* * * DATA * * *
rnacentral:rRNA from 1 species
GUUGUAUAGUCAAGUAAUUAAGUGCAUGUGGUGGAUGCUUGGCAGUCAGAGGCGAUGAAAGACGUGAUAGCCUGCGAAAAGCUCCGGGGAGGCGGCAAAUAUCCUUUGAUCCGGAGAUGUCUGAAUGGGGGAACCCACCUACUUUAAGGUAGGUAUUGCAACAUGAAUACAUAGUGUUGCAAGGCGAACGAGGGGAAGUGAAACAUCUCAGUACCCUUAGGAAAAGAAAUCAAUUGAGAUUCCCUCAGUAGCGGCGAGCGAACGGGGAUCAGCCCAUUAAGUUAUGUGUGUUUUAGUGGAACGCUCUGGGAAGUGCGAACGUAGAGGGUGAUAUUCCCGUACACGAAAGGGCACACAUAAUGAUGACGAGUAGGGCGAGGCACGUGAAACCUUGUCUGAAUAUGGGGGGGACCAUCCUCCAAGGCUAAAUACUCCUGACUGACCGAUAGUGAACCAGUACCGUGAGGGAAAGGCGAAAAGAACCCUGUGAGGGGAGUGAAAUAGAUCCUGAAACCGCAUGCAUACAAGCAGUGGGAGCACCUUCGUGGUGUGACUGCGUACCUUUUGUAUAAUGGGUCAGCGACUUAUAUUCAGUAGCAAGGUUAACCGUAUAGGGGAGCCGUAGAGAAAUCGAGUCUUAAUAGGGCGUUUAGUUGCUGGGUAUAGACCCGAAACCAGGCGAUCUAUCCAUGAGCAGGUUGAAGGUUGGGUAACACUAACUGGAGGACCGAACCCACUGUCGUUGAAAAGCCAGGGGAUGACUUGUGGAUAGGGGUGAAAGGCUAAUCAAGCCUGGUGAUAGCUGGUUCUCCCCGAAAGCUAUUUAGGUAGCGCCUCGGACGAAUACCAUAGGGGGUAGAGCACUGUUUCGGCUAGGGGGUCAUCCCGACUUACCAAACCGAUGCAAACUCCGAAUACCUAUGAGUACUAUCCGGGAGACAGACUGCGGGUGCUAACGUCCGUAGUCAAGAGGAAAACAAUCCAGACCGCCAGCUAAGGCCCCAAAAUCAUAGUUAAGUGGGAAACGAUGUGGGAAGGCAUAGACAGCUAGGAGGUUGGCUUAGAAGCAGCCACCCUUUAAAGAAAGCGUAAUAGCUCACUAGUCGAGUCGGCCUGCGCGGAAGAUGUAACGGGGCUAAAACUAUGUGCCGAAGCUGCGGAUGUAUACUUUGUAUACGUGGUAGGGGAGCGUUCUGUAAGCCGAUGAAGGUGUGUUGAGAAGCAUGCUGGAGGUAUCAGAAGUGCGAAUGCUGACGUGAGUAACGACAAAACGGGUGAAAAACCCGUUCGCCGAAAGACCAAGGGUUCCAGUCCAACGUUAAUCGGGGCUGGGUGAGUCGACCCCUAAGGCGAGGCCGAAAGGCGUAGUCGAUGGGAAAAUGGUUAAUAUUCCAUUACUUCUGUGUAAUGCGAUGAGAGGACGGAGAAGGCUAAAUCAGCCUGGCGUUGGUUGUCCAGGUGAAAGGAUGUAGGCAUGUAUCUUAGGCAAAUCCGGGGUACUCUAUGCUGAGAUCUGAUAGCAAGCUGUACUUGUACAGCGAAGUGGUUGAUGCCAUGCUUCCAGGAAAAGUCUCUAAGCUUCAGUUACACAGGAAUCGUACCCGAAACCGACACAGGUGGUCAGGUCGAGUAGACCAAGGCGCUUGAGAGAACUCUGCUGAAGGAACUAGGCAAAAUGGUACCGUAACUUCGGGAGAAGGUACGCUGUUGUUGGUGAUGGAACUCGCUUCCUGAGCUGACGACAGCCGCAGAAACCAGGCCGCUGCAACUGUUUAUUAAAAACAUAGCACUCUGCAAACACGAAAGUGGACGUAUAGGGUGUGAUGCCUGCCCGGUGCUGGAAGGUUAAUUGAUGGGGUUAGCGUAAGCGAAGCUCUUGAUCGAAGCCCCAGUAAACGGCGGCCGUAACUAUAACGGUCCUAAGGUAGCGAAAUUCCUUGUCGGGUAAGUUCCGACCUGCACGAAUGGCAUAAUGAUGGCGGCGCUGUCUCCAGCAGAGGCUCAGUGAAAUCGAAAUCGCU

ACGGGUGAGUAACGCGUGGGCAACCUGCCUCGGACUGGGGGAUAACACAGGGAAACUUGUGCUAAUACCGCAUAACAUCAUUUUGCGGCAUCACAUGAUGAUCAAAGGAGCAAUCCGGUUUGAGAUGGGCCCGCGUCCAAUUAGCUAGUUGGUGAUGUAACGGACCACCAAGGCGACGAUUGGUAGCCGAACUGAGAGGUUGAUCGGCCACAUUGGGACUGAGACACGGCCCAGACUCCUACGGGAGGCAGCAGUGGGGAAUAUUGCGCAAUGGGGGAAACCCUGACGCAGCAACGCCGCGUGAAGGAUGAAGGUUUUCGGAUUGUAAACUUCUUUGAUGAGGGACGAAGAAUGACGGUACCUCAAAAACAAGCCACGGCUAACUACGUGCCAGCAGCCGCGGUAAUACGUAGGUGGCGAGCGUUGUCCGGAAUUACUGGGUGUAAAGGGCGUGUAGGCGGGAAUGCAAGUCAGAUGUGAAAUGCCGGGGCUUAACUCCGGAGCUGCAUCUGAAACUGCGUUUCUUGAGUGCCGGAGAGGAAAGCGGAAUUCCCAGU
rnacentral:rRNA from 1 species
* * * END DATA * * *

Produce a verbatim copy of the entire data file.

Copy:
rnacentral:rRNA from 1 species
GUUGUAUAGUCAAGUAAUUAAGUGCAUGUGGUGGAUGCUUGGCAGUCAGAGGCGAUGAAAGACGUGAUAGCCUGCGAAAAGCUCCGGGGAGGCGGCAAAUAUCCUUUGAUCCGGAGAUGUCUGAAUGGGGGAACCCACCUACUUUAAGGUAGGUAUUGCAACAUGAAUACAUAGUGUUGCAAGGCGAACGAGGGGAAGUGAAACAUCUCAGUACCCUUAGGAAAAGAAAUCAAUUGAGAUUCCCUCAGUAGCGGCGAGCGAACGGGGAUCAGCCCAUUAAGUUAUGUGUGUUUUAGUGGAACGCUCUGGGAAGUGCGAACGUAGAGGGUGAUAUUCCCGUACACGAAAGGGCACACAUAAUGAUGACGAGUAGGGCGAGGCACGUGAAACCUUGUCUGAAUAUGGGGGGGACCAUCCUCCAAGGCUAAAUACUCCUGACUGACCGAUAGUGAACCAGUACCGUGAGGGAAAGGCGAAAAGAACCCUGUGAGGGGAGUGAAAUAGAUCCUGAAACCGCAUGCAUACAAGCAGUGGGAGCACCUUCGUGGUGUGACUGCGUACCUUUUGUAUAAUGGGUCAGCGACUUAUAUUCAGUAGCAAGGUUAACCGUAUAGGGGAGCCGUAGAGAAAUCGAGUCUUAAUAGGGCGUUUAGUUGCUGGGUAUAGACCCGAAACCAGGCGAUCUAUCCAUGAGCAGGUUGAAGGUUGGGUAACACUAACUGGAGGACCGAACCCACUGUCGUUGAAAAGCCAGGGGAUGACUUGUGGAUAGGGGUGAAAGGCUAAUCAAGCCUGGUGAUAGCUGGUUCUCCCCGAAAGCUAUUUAGGUAGCGCCUCGGACGAAUACCAUAGGGGGUAGAGCACUGUUUCGGCUAGGGGGUCAUCCCGACUUACCAAACCGAUGCAAACUCCGAAUACCUAUGAGUACUAUCCGGGAGACAGACUGCGGGUGCUAACGUCCGUAGUCAAGAGGAAAACAAUCCAGACCGCCAGCUAAGGCCCCAAAAUCAUAGUUAAGUGGGAAACGAUGUGGGAAGGCAUAGACAGCUAGGAGGUUGGCUUAGAAGCAGCCACCCUUUAAAGAAAGCGUAAUAGCUCACUAGUCGAGUCGGCCUGCGCGGAAGAUGUAACGGGGCUAAAACUAUGUGCCGAAGCUGCGGAUGUAUACUUUGUAUACGUGGUAGGGGAGCGUUCUGUAAGCCGAUGAAGGUGUGUUGAGAAGCAUGCUGGAGGUAUCAGAAGUGCGAAUGCUGACGUGAGUAACGACAAAACGGGUGAAAAACCCGUUCGCCGAAAGACCAAGGGUUCCAGUCCAACGUUAAUCGGGGCUGGGUGAGUCGACCCCUAAGGCGAGGCCGAAAGGCGUAGUCGAUGGGAAAAUGGUUAAUAUUCCAUUACUUCUGUGUAAUGCGAUGAGAGGACGGAGAAGGCUAAAUCAGCCUGGCGUUGGUUGUCCAGGUGAAAGGAUGUAGGCAUGUAUCUUAGGCAAAUCCGGGGUACUCUAUGCUGAGAUCUGAUAGCAAGCUGUACUUGUACAGCGAAGUGGUUGAUGCCAUGCUUCCAGGAAAAGUCUCUAAGCUUCAGUUACACAGGAAUCGUACCCGAAACCGACACAGGUGGUCAGGUCGAGUAGACCAAGGCGCUUGAGAGAACUCUGCUGAAGGAACUAGGCAAAAUGGUACCGUAACUUCGGGAGAAGGUACGCUGUUGUUGGUGAUGGAACUCGCUUCCUGAGCUGACGACAGCCGCAGAAACCAGGCCGCUGCAACUGUUUAUUAAAAACAUAGCACUCUGCAAACACGAAAGUGGACGUAUAGGGUGUGAUGCCUGCCCGGUGCUGGAAGGUUAAUUGAUGGGGUUAGCGUAAGCGAAGCUCUUGAUCGAAGCCCCAGUAAACGGCGGCCGUAACUAUAACGGUCCUAAGGUAGCGAAAUUCCUUGUCGGGUAAGUUCCGACCUGCACGAAUGGCAUAAUGAUGGCGGCGCUGUCUCCAGCAGAGGCUCAGUGAAAUCGAAAUCGCU

ACGGGUGAGUAACGCGUGGGCAACCUGCCUCGGACUGGGGGAUAACACAGGGAAACUUGUGCUAAUACCGCAUAACAUCAUUUUGCGGCAUCACAUGAUGAUCAAAGGAGCAAUCCGGUUUGAGAUGGGCCCGCGUCCAAUUAGCUAGUUGGUGAUGUAACGGACCACCAAGGCGACGAUUGGUAGCCGAACUGAGAGGUUGAUCGGCCACAUUGGGACUGAGACACGGCCCAGACUCCUACGGGAGGCAGCAGUGGGGAAUAUUGCGCAAUGGGGGAAACCCUGACGCAGCAACGCCGCGUGAAGGAUGAAGGUUUUCGGAUUGUAAACUUCUUUGAUGAGGGACGAAGAAUGACGGUACCUCAAAAACAAGCCACGGCUAACUACGUGCCAGCAGCCGCGGUAAUACGUAGGUGGCGAGCGUUGUCCGGAAUUACUGGGUGUAAAGGGCGUGUAGGCGGGAAUGCAAGUCAGAUGUGAAAUGCCGGGGCUUAACUCCGGAGCUGCAUCUGAAACUGCGUUUCUUGAGUGCCGGAGAGGAAAGCGGAAUUCCCAGU
rnacentral:rRNA from 1 species